Increased conflicts driven by poverty will more than likely continue to make achieving food security difficult if flooding continues to persist, according to MacHarry.
“We have seen kidnappers demand food items as ransom when negotiating with families of victims in their custody. Bandits in the North West also control farmlands which have been affected by floods. A change in such fortune might see a diversification to other crimes or an intensification of kidnap attacks to break even,” he says.
The United Nations says the impacts of increased conflict and related displacement, economic shocks, high food prices and weather extremes are exacerbating hunger, with the number of food insecure people rising from 2.5m to 19.5m people in 21 states between June 2021 and June 2022. The UN expects that emergency food insecurity will persist until January 2023 in some states, and these areas will continue to depend on humanitarian aid.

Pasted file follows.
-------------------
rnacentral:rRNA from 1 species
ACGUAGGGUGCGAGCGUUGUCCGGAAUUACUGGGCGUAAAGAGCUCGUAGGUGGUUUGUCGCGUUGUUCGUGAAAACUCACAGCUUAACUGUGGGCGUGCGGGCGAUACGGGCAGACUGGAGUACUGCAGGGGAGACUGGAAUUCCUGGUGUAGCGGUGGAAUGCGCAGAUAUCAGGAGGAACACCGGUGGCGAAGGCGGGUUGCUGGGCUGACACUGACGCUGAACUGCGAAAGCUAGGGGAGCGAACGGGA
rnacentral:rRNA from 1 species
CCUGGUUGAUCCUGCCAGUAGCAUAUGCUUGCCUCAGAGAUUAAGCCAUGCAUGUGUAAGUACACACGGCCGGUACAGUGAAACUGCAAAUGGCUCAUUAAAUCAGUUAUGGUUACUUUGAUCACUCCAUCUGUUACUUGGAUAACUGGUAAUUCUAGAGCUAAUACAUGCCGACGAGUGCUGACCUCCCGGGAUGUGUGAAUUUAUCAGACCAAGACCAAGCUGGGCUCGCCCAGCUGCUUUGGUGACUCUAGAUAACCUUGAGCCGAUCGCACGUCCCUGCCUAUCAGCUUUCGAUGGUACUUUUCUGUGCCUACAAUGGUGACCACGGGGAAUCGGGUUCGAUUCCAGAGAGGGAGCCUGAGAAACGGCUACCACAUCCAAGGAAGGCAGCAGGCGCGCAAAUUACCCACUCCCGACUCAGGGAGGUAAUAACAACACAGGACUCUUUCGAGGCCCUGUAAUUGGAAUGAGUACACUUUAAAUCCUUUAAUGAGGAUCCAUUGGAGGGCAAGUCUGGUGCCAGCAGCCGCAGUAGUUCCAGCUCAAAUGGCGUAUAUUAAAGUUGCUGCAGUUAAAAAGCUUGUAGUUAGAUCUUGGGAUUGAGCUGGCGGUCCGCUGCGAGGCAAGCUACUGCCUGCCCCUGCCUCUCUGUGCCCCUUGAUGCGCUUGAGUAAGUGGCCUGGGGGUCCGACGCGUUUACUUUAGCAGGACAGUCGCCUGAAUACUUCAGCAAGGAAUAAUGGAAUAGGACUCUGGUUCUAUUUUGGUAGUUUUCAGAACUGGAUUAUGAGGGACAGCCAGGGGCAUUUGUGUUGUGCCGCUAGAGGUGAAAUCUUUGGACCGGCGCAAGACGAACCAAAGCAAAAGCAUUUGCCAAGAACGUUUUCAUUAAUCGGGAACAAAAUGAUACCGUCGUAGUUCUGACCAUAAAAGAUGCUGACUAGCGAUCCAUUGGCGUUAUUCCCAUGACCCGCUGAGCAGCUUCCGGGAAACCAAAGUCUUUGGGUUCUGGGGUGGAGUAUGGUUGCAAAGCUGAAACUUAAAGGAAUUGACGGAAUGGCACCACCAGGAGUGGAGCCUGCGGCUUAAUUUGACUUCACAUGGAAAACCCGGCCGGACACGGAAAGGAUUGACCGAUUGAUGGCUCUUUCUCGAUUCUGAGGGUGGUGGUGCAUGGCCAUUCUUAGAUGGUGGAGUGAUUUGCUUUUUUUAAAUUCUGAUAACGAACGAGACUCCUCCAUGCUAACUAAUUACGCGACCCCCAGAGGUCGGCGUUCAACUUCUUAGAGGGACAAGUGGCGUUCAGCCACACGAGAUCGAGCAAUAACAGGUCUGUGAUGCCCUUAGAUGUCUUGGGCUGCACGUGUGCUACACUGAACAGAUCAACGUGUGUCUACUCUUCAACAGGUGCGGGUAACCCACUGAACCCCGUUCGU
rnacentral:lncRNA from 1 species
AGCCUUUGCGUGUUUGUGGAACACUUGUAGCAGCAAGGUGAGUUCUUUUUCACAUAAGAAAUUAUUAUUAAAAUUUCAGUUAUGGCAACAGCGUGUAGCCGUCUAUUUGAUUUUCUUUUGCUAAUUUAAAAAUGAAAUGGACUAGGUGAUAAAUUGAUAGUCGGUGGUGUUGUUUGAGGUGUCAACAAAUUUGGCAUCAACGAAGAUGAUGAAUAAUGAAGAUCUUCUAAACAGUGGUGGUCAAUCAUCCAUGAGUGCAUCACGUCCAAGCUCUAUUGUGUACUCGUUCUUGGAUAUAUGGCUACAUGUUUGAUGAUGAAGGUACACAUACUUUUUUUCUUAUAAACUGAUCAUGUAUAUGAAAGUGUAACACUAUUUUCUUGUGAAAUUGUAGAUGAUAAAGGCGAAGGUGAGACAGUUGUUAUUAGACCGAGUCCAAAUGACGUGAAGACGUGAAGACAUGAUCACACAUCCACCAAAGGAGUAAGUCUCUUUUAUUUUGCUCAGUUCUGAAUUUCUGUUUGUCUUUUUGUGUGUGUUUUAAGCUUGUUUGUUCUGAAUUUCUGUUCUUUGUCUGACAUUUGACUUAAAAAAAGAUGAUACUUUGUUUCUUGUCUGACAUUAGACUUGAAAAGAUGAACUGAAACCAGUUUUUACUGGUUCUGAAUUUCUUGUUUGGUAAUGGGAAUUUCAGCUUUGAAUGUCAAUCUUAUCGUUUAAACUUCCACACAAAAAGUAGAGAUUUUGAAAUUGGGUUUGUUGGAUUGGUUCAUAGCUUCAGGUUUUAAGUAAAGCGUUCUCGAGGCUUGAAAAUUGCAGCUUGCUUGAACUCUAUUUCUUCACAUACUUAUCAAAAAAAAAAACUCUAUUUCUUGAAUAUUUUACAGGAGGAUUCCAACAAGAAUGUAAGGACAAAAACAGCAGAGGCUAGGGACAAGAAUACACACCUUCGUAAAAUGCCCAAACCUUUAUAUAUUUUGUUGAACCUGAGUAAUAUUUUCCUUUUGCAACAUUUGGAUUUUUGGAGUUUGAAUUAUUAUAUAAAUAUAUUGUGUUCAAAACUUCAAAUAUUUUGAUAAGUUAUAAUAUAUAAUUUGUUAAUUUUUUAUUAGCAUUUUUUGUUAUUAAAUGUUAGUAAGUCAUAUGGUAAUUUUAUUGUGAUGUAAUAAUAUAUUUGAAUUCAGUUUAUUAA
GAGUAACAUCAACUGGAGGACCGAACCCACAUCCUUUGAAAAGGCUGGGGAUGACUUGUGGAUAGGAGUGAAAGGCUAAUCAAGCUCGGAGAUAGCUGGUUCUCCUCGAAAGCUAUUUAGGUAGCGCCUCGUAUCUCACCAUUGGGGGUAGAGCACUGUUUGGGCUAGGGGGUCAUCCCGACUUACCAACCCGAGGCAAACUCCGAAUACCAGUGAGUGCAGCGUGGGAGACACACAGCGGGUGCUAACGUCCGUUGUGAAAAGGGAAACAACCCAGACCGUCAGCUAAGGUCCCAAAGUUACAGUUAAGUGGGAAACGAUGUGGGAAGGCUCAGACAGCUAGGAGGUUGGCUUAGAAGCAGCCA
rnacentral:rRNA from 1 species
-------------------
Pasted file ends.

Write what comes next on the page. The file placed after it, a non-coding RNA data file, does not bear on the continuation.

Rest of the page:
Some effects of conflict-driven hunger are already being seen in some northern regions of the country. In late September, Médecins Sans Frontières (MSF) said that a malnutrition crisis in Northwest Nigeria is reaching “catastrophic levels”, with a 64% increase over the previous year in the numbers of severely malnourished children it had treated.
“With increasing insecurity, climate change, and global inflation of food prices in a post-pandemic world, we can only imagine this crisis getting worse,” Simba Tirima, MSF country representative in Nigeria, said in a statement.
Food insecurity will likely worsen as climate change impacts hit, says MacHarry. “There is a strong link between climate change and the rise of armed groups in Nigeria. Livestock and farmlands have been lost because of drought and desertification and the more this happens, the more precarious the situation becomes.”